Getting Loud

Shortly after Northwestern's heartbreaking loss in the TicketCity Bowl, NU head coach Pat Fitzgerald stepped to the podium for his postgame press conference. He gave a passionate speech, which set the tone for the next season. His message was directed at the junior class.

"They've got to start making more plays, they've got to start leading and they have to be the catalyst for us to go where we want to go," Fitzgerald said after the bowl game.

During the tail-end of the Wildcats' 2010 season, the team lacked an identity after losing Dan Persa to a season-ending injury. More specifically, they were lacking leadership. Without Persa in the huddle, the Northwestern offense was lacking on-field leadership. Their quarterback and unquestioned team leader was on the sidelines, and it was evident that the Wildcats needed more leadership. That's where fellow junior co-captain Al Netter decided it was his time to step up.

"There was a lot more weight on my shoulders to lead the guys," Netter said "When you're in the huddle, they're going to look to you to direct them and give encouragement."

Now a senior, the 6'6, 310-lb offensive tackle has started in each of his 39 career games. Throughout his career, Netter has looked up to team leaders like Corey Wootton and Corbin Bryant. The soft-spoken Netter has admired the leadership styles of his predecessors, but his call to lead came early, and he wasn't prepared. It was time for Netter to make some changes.

"Last year, I was a co-captain, and I went through a large learning period," Netter said. "It was really my first time being in that type of a leadership role. I had to step out of my comfort zone, but I think it's gotten a lot better."

During the offseason, Netter devoted extra time to being a leader. Pat Fitzgerald gave Netter some reading material on leadership, including books by Mike Krzyzewski on leadership. In addition, Netter's father sent magazine articles and business books on how to lead.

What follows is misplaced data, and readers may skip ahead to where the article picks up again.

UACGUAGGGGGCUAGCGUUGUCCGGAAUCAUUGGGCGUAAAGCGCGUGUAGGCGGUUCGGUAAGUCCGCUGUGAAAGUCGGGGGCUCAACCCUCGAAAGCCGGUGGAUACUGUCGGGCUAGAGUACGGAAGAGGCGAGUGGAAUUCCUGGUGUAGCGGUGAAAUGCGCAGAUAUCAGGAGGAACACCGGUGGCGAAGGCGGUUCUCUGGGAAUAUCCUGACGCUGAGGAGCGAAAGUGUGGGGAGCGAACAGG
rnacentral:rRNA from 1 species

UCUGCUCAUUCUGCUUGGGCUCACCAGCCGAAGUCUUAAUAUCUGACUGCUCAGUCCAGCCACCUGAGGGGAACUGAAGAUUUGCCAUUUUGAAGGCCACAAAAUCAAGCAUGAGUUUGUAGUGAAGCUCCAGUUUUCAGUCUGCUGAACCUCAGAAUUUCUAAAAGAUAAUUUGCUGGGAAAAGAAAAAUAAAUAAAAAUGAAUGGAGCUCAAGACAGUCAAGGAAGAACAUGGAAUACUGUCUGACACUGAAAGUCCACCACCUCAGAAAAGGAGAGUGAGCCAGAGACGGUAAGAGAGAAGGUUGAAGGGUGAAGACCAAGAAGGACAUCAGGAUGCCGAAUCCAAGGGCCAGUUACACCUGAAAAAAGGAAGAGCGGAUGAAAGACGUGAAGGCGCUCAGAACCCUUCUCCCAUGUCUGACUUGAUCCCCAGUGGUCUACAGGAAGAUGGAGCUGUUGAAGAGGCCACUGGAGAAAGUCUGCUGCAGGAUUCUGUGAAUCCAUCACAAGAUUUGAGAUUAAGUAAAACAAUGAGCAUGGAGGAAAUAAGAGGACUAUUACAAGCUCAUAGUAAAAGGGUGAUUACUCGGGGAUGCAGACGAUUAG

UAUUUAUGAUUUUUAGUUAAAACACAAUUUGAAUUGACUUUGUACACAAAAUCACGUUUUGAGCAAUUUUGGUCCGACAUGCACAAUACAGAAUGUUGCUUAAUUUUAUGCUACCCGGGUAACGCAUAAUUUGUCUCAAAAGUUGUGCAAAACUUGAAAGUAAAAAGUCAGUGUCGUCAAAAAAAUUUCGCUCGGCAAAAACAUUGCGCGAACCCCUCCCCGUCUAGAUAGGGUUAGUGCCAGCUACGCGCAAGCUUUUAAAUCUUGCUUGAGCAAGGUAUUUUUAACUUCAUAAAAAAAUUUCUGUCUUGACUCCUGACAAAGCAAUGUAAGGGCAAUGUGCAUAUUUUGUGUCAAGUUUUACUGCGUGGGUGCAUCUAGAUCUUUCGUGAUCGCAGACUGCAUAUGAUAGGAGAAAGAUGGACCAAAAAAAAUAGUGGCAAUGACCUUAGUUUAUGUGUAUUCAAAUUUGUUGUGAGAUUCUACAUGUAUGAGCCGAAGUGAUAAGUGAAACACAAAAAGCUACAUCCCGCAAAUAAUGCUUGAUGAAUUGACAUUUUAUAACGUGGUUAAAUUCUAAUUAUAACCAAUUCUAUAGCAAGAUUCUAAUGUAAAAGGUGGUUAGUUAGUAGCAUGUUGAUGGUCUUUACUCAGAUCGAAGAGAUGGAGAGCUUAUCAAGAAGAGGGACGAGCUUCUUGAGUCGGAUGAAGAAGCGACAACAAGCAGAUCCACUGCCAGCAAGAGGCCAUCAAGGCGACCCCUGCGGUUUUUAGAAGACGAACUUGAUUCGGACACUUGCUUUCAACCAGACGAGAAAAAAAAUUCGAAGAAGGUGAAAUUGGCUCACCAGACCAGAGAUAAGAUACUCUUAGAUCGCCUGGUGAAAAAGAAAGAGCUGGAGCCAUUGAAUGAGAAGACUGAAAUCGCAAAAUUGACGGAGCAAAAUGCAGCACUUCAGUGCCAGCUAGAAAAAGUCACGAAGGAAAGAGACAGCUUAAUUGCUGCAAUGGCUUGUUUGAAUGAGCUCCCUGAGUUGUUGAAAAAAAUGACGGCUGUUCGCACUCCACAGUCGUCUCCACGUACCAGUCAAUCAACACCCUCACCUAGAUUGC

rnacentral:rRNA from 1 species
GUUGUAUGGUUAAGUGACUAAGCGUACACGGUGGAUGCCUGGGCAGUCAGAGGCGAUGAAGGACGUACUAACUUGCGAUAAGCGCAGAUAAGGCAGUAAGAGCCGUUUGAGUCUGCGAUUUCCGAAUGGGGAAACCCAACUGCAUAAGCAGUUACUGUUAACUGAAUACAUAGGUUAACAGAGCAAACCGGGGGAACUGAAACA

When spring practice came around, Al Netter became a totally different player. His jovial personality didn't change at all, but on the field, the soft-spoken Netter became a vocal leader for his teammates. His teammates have taken notice.

"He's gotten more vocal since I've been around, definitely," said NU junior offensive guard Brian Mulroe. "I'm only a year younger than Al. When he was younger, I still looked at him as a leader, but he has gotten more vocal."

With three season's experience under his belt, the now-animated Al Netter has transformed into what his predecessors were—a team leader. With that role, he is the first player to encourage or call out a teammate.

"He knows what it takes to be out there," Mulroe said of Netter. "He's always bringing guys along. He's cracking guys if they're screwing up."

Throughout his three years with the Wildcats, Netter has taken on a leadership role, but it has never been close to his new role. His role was a "lead by example" role, but nothing more than that.

Growing up, the Santa Rose, California native has always been a quiet person. When Netter arrived at Northwestern, he was immediately called upon to be a starter on the offensive line. As time passed, Netter's teammates began to look at him for guidance. That's where Netter had to make some personality changes—the first step of developing into his leadership role.

"I had to step out of my comfort zone," he said. "I used to lead by example and keep to myself and try to do the right thing. As you know, leadership takes more than staying within yourself. You've got to be vocal and speak up so other guys know what to do."

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